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Department of Psychology
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Cathy Hall, Ph.D.
Professor

Office: Rawl 214
Phone: 252-328-6498
Fax: 252-328-6283
E-mail: hallc@ecu.edu

Mailing Address:

104 Rawl Building
Department of Psychology
East Carolina University
Greenville, NC 27858-4353

Education:

Ph.D., The University of Georgia
M.Ed., Emory University
B.A., Emory University

Research Interests:

I have three primary areas of research. One of my primary areas of research interest has been with Attention Deficit Hyperactive Disorder (ADHD) children. Some of the research I have explored in this area include: response time with ADHD and non-ADHD students, subcategories of ADHD, assessment/interventions with ADHD students, information processing, and social-emotional adjustment. I enjoy working with ADHD clients (children - adults) and find them to be highly creative and innovative individuals.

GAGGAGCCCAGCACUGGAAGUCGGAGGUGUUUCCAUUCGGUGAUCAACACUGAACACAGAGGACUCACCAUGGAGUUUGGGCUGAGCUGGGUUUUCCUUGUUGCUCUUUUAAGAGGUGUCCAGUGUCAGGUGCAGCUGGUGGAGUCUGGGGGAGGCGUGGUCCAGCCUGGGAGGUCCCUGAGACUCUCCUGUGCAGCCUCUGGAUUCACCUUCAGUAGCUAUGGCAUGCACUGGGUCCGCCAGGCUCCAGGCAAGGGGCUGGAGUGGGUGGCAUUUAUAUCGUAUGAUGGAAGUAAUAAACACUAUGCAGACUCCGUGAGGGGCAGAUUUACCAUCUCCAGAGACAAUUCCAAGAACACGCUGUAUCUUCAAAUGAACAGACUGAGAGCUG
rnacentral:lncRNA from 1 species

The second area of research interest includes social-emotional adjustment of special populations. Research in this area has included adjustment issues with children of divorce, adult children of alcoholics, children of alcoholics, adult children with have dealt with traumatic events during childhood, and adjustment issues with learning disabled students. The focus has been on areas that may make certain children more at-risk for developing problems, and why certain children display more resiliency than others.  Recently, I developed a scale (Hall Resiliency Scale – HRS) to measure resiliency in adolescent and adult populations to aid research in this area.  The manual for this scale has just been completed.

The third area has focused on learning styles and strategies and their assessment. Research I have conducted has dealt with various measures of assessment (WISC-III, K-ABC and processing styles, gender differences in mathematical performance, and the Study Process Questionnaire). I have been working on my own scale to measure studying processes - Executive Process Questionnaire.  Research with this scale has shown it to be a strong predictor in academic success.  It has been shown to have concurrent and predictive validity with respect to college student grades in longitudinal studies.